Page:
From Marist Studies
- Everybody expected that Catholic missionaries would not be allowed ashore in Tahiti. On instigation by George Pritchard, of the London Missionary Society, the Fathers Caret and Laval had been expelled in December 1836, and Caret and Maigret again in January 1837. Still, on 16 September, after only a few days in the Gambier Islands, encouraged by recent information, the Europa set sail for Tahiti for a commercial call. They arrived around noon on the 21st and the ship was allowed to enter port. Thanks to the intervention of Mr. Jacob Moerenhout, a Belgian trader on the island who also functioned as American consul, Pompallier and his men were allowed to move about freely, and by displaying full purple he drew large crowds. Queen Pomare Vahine IV was curious enough to invite Pompallier to the palace and her charm made him think that she and many people with her would have liked the re-presentatives of the true Church to stay. Having been expelled already once, Maigret who was set to sail with the Marists in a new attempt to get into Hawaii, and Columban Murphy, who for that same purpose had secretly been ordained a priest by Rouchouze during their stay in Mangareva, prudently stayed on board.
- The Marists visited Moerenhout regularly, and Pompallier said Mass in the privacy of his home. He also baptised and confirmed the seven-year-old son of the third officer of the Europa. The boy, baptized Jean-Marie, was born in New Zealand but had been brought up in Tahiti. Pompallier felt elated at this first baptism of a New Zealand born child: the first fruits of New Zealand, les prémices de la Nouvelle Zélande.
- Pompallier was very appreciative of the reception he received from Moerenhout. He recommended him to the Director of the Colonies at the Ministry of the Navy in Paris for an appointment as consul of France. After Moerenhout was dismissed as consul for the United States he was indeed appointed consul of France, first in Tahiti, later in California.
- Chanel looked with diffidence at the Raiatea. He called it a méchante petite goélette, a nasty little schooner (only 60 tons), and without even a copper bottom! This time travelling was going to be very uncomfortable indeed. They took their luggage off the Europa and transferred it to the Raiatea.
- After the favourable stories he had picked up about Tonga, Pompallier now decided to visit Vava`u first, and sail only then to Pohnpei in Micronesia. There he might leave some missionaries with Chanel in charge, and sail on to Australia and New Zealand himself. All of this news, with his change of plan and many interesting details, he communicated to Colin in a five-page letter from Tahiti, dated 2 October. He told Colin to forget about a procure, not only in Valparaiso, but also in California or Hawaii. By now it had become clear to him that Sydney was the only and the best place because of its frequent communications with Europe as well as with New Zealand and the islands. Moreover, in Australia one would find a civilized environment, an established church under a vicar apostolic and a Christian community protected by Great Britain.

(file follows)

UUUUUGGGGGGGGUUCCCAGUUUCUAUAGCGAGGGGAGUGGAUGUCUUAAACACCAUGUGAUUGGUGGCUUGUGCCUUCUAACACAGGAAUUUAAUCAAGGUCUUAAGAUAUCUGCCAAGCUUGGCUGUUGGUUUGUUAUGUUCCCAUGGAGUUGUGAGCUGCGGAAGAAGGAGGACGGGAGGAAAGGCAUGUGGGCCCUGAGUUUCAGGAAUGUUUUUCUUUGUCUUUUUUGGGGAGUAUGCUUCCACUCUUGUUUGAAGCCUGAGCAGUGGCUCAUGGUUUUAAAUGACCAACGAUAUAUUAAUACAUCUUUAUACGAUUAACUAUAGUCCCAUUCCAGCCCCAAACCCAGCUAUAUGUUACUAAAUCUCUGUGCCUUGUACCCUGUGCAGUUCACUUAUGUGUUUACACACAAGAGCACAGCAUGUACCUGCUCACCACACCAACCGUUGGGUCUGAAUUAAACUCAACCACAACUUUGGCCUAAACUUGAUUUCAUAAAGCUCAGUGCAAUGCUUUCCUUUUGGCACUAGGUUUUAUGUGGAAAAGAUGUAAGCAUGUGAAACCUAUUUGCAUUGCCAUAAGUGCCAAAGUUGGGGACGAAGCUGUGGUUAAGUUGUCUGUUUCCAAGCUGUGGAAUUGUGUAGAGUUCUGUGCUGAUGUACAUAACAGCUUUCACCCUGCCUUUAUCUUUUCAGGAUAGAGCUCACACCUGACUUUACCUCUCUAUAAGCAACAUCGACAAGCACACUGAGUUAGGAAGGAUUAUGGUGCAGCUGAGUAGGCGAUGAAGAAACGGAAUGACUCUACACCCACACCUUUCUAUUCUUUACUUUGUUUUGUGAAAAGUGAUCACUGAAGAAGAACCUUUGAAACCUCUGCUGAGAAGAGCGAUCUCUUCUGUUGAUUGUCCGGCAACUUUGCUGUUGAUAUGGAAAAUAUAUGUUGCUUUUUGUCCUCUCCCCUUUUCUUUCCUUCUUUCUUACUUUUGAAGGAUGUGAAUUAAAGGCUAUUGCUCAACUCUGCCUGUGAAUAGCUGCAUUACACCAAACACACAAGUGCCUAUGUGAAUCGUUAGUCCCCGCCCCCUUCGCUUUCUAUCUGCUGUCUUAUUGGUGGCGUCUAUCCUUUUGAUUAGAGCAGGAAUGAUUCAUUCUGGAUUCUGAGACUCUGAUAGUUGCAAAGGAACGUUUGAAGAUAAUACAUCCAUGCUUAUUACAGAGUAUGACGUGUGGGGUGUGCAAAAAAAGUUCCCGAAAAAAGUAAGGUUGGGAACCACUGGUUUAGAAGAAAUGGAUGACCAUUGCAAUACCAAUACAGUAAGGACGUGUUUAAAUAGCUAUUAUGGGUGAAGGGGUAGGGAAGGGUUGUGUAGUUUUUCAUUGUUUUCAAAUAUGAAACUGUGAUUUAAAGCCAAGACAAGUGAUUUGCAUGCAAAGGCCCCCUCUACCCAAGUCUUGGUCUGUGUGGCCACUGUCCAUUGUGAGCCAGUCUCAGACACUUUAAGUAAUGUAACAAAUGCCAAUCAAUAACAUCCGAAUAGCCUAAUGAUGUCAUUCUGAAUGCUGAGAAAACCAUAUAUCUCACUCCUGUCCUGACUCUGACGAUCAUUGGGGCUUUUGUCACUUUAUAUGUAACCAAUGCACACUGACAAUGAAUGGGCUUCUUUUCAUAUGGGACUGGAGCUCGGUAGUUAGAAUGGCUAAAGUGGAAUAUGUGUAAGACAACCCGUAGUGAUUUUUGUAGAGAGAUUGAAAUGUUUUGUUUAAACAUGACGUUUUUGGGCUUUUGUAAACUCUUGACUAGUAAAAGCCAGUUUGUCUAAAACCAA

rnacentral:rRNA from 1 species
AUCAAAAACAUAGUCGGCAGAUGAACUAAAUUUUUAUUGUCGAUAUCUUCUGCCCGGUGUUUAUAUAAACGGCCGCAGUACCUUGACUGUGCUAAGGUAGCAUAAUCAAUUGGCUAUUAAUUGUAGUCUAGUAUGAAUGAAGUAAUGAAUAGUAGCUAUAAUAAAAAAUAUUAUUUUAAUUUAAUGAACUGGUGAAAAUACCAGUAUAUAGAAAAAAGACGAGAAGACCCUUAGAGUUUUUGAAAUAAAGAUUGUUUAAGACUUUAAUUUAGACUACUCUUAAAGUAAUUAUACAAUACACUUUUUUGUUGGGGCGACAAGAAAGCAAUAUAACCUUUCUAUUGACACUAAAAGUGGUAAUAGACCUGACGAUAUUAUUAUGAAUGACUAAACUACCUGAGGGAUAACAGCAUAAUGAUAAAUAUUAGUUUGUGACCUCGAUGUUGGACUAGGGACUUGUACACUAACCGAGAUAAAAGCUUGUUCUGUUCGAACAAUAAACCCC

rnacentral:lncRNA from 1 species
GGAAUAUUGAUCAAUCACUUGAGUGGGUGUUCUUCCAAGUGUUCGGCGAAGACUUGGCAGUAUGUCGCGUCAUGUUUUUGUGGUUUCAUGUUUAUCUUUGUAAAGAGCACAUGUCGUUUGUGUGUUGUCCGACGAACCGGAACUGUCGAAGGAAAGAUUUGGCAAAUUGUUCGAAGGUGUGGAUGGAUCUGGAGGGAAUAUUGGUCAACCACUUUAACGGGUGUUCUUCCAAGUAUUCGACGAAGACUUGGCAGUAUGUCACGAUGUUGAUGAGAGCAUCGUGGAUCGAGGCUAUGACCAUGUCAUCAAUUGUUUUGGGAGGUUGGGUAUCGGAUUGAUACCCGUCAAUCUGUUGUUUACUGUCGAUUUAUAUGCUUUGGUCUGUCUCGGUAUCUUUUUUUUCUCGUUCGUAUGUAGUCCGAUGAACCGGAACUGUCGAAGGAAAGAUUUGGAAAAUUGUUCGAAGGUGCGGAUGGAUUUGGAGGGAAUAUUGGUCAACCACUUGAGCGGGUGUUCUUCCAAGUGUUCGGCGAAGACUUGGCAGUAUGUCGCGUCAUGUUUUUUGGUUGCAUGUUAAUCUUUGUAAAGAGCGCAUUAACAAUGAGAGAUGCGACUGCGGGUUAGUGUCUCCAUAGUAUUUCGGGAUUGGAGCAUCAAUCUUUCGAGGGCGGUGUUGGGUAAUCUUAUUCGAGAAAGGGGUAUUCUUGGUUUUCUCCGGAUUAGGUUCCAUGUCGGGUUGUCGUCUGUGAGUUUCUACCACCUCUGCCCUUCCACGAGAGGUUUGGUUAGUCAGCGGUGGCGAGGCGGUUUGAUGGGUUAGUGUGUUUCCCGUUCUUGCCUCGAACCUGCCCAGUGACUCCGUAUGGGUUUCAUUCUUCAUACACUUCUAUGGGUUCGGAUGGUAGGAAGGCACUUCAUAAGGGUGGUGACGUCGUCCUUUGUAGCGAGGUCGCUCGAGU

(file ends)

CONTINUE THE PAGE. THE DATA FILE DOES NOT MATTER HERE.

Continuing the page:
- Pompallier foresaw that the next missionaries might still come the long way, around Cape Horn, in which case they should avoid Hawaii, where the situation was confused and opposition against Catholics had flared up again. Tahiti was the place to aim for, and if they were not allowed to land, they could always stay on the ship and Moerenhout would help them on their way. Moerenhout was also a reliable postal address. If they came around Cape of Good Hope, they could rely on Bishop Polding in Sydney for the necessary help.
- He repeated his urgent request for reinforcements, and, having seen the Picpus men at work, he now insisted on Brothers as well as on priests. In two cases, Hawaii as well as Tahiti, the priests had been expelled but a Brother allowed to stay! He hoped Colin to be able to send at least four priests and three Brothers soon. He begged Colin also to plead his cause with the Propagation of the Faith. His funds were about exhausted. He was at his wit’s end on how to even begin the actual mission work.
- Jore, op. cit., II, pp. 209 – 212 & pp. 219 – 226. Yarwood, A.T., Samuel Marsden: The Great Survivor, p. 266.
- Since 1830 Moerenhout was an important trader in Tahiti, importing shiploads of goods from France, cf. Jore, op. cit., I, p. 100. In July 1837 he had been dismissed by the American government on request of Queen Pomare, but the news was to reach Tahiti only in August 1838. Wiltgen, op. cit., p. 154. Jore op. cit., II, p. 233.
- LRO, 21 [8- 9]. EC, 38 [6 – 9]. Wiltgen, op. cit., p. 152. Pompallier, op. cit, p. 14. Rademaker, op. cit. p. 91.
- LRO, 21 . EC, 38 .
- Pompallier to M. de Saint-Hilaire, Directeur des Colonies, 28.09.1837. Moerenhout became consul of France in Tahiti in September 1838, and later on in California. Jore, op. cit., II, p. 229 & 342.
- LRO, doc. 21 , Pompallier to Fransoni, 21.05.1838, ACPF, Congressi Oceania I, p. 485r. doc. 37 . The Raiatea was at his service for about seven months, which amounted, not counting the provisions, to an expense of 2.800 piastres = 15.400 francs. What down payment he was able to make, we do not know.
- In the tropics the hulls of wooden ships need a copper lining to protect them against the so-called ship-worm, teredo navalis, that uses its shell to gouge holes into the wood of ship hulls and jetty posts (with thanks to captain L. Oosthuizen and Google). Br. Nizier later recalled this remark of Chanel. Cf. Ronzon, Delorme, p. 40.
- LRO, doc. 21 [10 - 15]. Jore, op. cit., I, p. 212; II, pp. 197 – 212.
- LRO, doc. 21 . Pompallier, op. cit., p. 14.
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